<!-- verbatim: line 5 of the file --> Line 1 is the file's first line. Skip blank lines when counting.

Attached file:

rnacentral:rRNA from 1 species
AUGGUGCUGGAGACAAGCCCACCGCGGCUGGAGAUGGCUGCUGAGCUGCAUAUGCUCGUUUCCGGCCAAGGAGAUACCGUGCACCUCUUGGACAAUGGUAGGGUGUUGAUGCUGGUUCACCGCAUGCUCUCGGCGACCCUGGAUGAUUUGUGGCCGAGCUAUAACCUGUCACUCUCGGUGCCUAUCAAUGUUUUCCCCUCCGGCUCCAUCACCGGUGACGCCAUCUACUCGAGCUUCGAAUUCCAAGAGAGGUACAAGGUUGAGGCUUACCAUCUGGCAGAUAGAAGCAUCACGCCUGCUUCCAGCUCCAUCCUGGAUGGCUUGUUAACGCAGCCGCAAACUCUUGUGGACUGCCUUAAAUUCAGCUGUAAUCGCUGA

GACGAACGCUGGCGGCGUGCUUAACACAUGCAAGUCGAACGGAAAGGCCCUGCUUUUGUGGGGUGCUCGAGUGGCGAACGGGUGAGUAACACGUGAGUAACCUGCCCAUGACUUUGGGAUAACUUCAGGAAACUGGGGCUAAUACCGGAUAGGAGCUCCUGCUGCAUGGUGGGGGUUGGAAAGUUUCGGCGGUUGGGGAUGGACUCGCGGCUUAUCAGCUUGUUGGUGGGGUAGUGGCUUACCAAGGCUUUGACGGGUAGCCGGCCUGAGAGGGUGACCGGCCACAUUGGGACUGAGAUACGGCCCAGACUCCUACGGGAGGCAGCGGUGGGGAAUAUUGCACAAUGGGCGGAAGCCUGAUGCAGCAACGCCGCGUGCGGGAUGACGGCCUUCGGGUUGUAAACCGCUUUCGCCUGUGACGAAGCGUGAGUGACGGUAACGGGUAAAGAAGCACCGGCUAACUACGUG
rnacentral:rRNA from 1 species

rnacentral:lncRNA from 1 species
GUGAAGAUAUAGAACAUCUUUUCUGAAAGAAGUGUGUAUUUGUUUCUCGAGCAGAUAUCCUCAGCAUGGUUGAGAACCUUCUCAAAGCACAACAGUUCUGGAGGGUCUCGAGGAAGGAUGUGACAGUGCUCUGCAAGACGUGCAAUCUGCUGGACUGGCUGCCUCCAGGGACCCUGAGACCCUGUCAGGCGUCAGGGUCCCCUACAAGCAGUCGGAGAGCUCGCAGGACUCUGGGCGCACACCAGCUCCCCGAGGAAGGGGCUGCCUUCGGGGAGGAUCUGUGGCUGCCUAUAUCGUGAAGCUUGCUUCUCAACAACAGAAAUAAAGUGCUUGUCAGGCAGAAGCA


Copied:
rnacentral:lncRNA from 1 species